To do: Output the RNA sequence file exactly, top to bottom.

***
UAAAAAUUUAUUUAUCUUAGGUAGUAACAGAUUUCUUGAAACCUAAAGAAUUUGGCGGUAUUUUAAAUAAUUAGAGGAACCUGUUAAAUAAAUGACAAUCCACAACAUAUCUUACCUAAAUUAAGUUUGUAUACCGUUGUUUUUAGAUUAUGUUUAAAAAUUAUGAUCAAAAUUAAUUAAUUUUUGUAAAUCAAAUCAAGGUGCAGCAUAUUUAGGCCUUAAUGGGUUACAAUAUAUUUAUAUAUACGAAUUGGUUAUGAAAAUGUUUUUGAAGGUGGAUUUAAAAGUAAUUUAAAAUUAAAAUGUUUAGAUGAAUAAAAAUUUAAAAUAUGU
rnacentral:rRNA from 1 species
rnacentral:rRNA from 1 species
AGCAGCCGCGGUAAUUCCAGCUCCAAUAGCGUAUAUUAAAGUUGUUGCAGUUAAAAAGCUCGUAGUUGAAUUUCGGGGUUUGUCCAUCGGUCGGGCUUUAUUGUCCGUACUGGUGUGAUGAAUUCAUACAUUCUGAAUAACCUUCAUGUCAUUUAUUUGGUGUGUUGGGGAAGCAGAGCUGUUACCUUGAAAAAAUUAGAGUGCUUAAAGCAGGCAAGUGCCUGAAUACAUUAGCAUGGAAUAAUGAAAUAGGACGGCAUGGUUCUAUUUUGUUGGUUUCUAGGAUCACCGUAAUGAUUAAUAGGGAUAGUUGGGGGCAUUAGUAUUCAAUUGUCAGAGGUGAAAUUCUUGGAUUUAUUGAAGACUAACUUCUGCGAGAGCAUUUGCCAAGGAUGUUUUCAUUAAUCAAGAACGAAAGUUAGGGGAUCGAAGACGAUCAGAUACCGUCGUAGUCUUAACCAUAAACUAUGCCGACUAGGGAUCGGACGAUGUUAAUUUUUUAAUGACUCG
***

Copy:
UAAAAAUUUAUUUAUCUUAGGUAGUAACAGAUUUCUUGAAACCUAAAGAAUUUGGCGGUAUUUUAAAUAAUUAGAGGAACCUGUUAAAUAAAUGACAAUCCACAACAUAUCUUACCUAAAUUAAGUUUGUAUACCGUUGUUUUUAGAUUAUGUUUAAAAAUUAUGAUCAAAAUUAAUUAAUUUUUGUAAAUCAAAUCAAGGUGCAGCAUAUUUAGGCCUUAAUGGGUUACAAUAUAUUUAUAUAUACGAAUUGGUUAUGAAAAUGUUUUUGAAGGUGGAUUUAAAAGUAAUUUAAAAUUAAAAUGUUUAGAUGAAUAAAAAUUUAAAAUAUGU
rnacentral:rRNA from 1 species
rnacentral:rRNA from 1 species
AGCAGCCGCGGUAAUUCCAGCUCCAAUAGCGUAUAUUAAAGUUGUUGCAGUUAAAAAGCUCGUAGUUGAAUUUCGGGGUUUGUCCAUCGGUCGGGCUUUAUUGUCCGUACUGGUGUGAUGAAUUCAUACAUUCUGAAUAACCUUCAUGUCAUUUAUUUGGUGUGUUGGGGAAGCAGAGCUGUUACCUUGAAAAAAUUAGAGUGCUUAAAGCAGGCAAGUGCCUGAAUACAUUAGCAUGGAAUAAUGAAAUAGGACGGCAUGGUUCUAUUUUGUUGGUUUCUAGGAUCACCGUAAUGAUUAAUAGGGAUAGUUGGGGGCAUUAGUAUUCAAUUGUCAGAGGUGAAAUUCUUGGAUUUAUUGAAGACUAACUUCUGCGAGAGCAUUUGCCAAGGAUGUUUUCAUUAAUCAAGAACGAAAGUUAGGGGAUCGAAGACGAUCAGAUACCGUCGUAGUCUUAACCAUAAACUAUGCCGACUAGGGAUCGGACGAUGUUAAUUUUUUAAUGACUCG